A CNN camera crew arrived at the West Campus Clinical Center in late-December of 2009 as cousins Sheila Schwartz and David Kanter entered the hospital for life-saving kidney transplant surgery. CNN followed the patients throughout their stay, including an intense six-hour surgery as a healthy kidney was removed from Kanter (by transplant surgeon Scott Johnson, MD) and transplanted into Schwartz (by transplant surgeon Seth Karp, MD)."
Schwartz had been in kidney failure for nearly 10 years.
Schwartz's daughter, CNN Senior Medical Correspondent Elizabeth Cohen, was at her mother's side throughout the procedure both as a caring child and also to document the transplant. The experience will become part of an hour-long CNN documentary about patient empowerment to be aired in late-summer or early-fall.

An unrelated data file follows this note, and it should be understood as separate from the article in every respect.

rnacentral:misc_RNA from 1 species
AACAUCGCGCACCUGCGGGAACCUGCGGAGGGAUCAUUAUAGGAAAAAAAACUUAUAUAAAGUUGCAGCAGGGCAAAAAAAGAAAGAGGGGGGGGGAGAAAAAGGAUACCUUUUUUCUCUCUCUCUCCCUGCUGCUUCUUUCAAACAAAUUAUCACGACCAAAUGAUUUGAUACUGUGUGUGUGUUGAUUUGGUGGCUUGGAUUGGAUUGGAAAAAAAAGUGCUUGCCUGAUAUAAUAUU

This transplant story was selected because of Cohen's family connection, but also because both the donor and the recipient made significant medical choices based on personal investigation. "Both patients did extensive research about kidney transplantation. They wanted to know what's available, who's best trained and who has the best track record, and they chose Beth Israel Deaconess Medical Center to have the procedure done," said Buz Kanter, the donor's brother.
Both patients [and the kidney] are doing well and have been released from the hospital to continue their recovery at home. The CNN documentary will coincide with the release of Cohen's new book about the empowered patient, which focuses on helping patients take an active part in their own health care.